Kiter rescue rules developed

Fremantle Volunteer Sea Rescue fleet manager Nick Hill demonstrating how a kiter may be set free if entangled with the lines. Picture: Martin Kennealeyd409290
Fremantle Volunteer Sea Rescue fleet manager Nick Hill demonstrating how a kiter may be set free if entangled with the lines. Picture: Martin Kennealeyd409290

They will train their volunteers and offer the rules to colleagues from Mandurah to Alkimos.

‘Five years ago, calls to rescue kitesurfers were rare to non-existent, and if they were, they were rare and close to shore,’ FVSR president Philip Martin said. FVSR crews cover kitesurfing spots from Coogee to city beaches and into Gage Roads.

‘Now kiters are spreading out along the coast to find new places to go and are going further offshore.’

But rescuers and the public have been unfamiliar about how to deal with the four or five detachable 25m-long lines that connect a kitesurfer to the kite.

Mr Martin said methods were needed to deal with kites looping dangerously on the surface, possibly preventing self-rescue by the kiter who could be unconscious or impaired from being in the water for a long time.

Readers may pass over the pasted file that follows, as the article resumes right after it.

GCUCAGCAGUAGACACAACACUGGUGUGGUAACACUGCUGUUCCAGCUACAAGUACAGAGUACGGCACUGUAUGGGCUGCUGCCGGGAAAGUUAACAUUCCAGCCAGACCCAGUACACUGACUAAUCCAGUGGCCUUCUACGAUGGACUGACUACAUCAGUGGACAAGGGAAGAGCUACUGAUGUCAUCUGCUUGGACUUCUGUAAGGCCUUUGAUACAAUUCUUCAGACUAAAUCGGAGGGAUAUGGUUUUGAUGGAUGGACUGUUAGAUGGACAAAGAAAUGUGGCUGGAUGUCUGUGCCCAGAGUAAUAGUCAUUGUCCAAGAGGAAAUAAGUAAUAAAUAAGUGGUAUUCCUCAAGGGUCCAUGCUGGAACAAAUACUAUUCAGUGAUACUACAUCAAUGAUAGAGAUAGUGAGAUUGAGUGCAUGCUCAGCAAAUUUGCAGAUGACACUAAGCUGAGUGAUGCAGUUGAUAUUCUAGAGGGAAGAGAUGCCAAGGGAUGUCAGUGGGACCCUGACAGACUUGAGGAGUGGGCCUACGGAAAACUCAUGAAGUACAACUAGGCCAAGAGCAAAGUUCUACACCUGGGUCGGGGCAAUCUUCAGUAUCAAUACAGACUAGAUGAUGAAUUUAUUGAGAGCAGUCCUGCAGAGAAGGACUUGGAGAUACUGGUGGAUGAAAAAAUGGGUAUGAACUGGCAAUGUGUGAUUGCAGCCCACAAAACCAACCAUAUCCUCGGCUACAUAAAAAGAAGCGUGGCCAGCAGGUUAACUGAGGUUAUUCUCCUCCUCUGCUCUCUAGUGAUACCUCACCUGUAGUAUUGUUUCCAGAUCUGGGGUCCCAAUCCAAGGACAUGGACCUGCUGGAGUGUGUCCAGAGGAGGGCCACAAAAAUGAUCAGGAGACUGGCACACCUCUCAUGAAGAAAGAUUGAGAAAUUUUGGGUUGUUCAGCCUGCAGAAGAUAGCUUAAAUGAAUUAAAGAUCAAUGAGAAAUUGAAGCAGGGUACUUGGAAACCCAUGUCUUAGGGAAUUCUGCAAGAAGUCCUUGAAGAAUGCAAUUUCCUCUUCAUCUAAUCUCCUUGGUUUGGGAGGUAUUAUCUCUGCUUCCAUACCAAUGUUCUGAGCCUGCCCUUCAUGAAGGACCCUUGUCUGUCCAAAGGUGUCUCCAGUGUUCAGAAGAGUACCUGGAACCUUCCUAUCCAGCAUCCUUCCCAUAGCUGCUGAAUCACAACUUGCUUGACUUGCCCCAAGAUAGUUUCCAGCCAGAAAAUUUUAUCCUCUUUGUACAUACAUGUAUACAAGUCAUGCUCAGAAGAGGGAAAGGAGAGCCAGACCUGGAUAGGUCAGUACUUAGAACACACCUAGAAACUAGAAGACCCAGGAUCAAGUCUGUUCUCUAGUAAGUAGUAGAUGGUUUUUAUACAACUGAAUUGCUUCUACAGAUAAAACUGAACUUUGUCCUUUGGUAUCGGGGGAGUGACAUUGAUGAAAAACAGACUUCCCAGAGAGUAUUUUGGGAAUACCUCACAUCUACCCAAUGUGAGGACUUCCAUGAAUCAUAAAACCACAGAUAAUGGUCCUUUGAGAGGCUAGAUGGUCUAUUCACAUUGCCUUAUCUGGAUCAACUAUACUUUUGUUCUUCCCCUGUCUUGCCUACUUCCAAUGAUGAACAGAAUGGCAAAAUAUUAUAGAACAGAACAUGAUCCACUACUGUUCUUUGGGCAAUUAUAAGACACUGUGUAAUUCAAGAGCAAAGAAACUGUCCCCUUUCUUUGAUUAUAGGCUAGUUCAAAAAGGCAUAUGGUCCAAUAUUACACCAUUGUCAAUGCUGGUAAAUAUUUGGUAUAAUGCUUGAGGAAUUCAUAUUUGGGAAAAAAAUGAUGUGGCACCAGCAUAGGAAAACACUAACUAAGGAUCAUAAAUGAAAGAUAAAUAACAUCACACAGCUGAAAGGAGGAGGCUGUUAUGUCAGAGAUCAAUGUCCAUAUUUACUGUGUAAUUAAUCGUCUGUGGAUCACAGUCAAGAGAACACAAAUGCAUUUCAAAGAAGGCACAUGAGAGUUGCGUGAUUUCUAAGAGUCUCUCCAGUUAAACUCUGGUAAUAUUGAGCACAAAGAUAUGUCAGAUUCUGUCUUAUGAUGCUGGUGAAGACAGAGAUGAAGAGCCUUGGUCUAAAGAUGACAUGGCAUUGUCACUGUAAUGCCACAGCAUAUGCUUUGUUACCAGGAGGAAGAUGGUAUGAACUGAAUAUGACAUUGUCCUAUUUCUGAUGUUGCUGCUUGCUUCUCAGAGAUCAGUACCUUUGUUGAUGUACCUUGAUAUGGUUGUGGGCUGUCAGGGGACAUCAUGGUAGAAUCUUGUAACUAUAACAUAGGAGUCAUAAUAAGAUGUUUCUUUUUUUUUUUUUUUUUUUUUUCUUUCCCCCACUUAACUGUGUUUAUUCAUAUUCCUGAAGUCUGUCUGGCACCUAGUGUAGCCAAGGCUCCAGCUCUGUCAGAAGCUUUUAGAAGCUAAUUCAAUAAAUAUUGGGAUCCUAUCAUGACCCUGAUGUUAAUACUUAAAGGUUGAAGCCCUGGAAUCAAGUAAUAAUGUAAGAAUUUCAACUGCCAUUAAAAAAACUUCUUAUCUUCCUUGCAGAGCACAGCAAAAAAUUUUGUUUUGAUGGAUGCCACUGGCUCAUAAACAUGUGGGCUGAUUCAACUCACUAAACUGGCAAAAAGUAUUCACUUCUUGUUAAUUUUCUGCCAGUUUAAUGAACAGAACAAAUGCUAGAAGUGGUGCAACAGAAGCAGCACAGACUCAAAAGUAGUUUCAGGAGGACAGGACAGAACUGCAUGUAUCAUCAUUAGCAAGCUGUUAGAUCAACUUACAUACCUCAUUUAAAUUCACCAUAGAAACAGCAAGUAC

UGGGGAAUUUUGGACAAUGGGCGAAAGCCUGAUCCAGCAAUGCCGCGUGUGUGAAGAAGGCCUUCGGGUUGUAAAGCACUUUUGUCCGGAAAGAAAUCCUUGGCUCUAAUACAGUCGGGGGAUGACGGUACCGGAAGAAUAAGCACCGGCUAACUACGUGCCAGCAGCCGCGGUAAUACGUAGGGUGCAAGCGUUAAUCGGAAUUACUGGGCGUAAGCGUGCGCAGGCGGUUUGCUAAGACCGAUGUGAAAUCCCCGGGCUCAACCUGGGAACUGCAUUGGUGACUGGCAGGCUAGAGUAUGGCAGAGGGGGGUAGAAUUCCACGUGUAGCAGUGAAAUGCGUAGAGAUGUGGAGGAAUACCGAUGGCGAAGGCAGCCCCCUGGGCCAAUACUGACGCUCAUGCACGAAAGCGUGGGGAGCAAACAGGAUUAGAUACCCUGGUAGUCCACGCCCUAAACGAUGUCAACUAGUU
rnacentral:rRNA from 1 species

As part of ongoing safety initiatives by kiting groups, FVSR hosted a forum on offshore rescues at East Fremantle Yacht Club last week.

It was attended by kite shop owners, the Water Police and yacht club members, among others.

The forum was unrelated to the death of kiter Marc Sprod at Cottesloe three weeks ago.

It was intended to instruct surf lifesavers about kite rescues close to beaches.

Mr Martin said boaters who found a kiter struggling at sea should first call professional rescuers. He said offshore kiters should also carry a personal emergency beacon.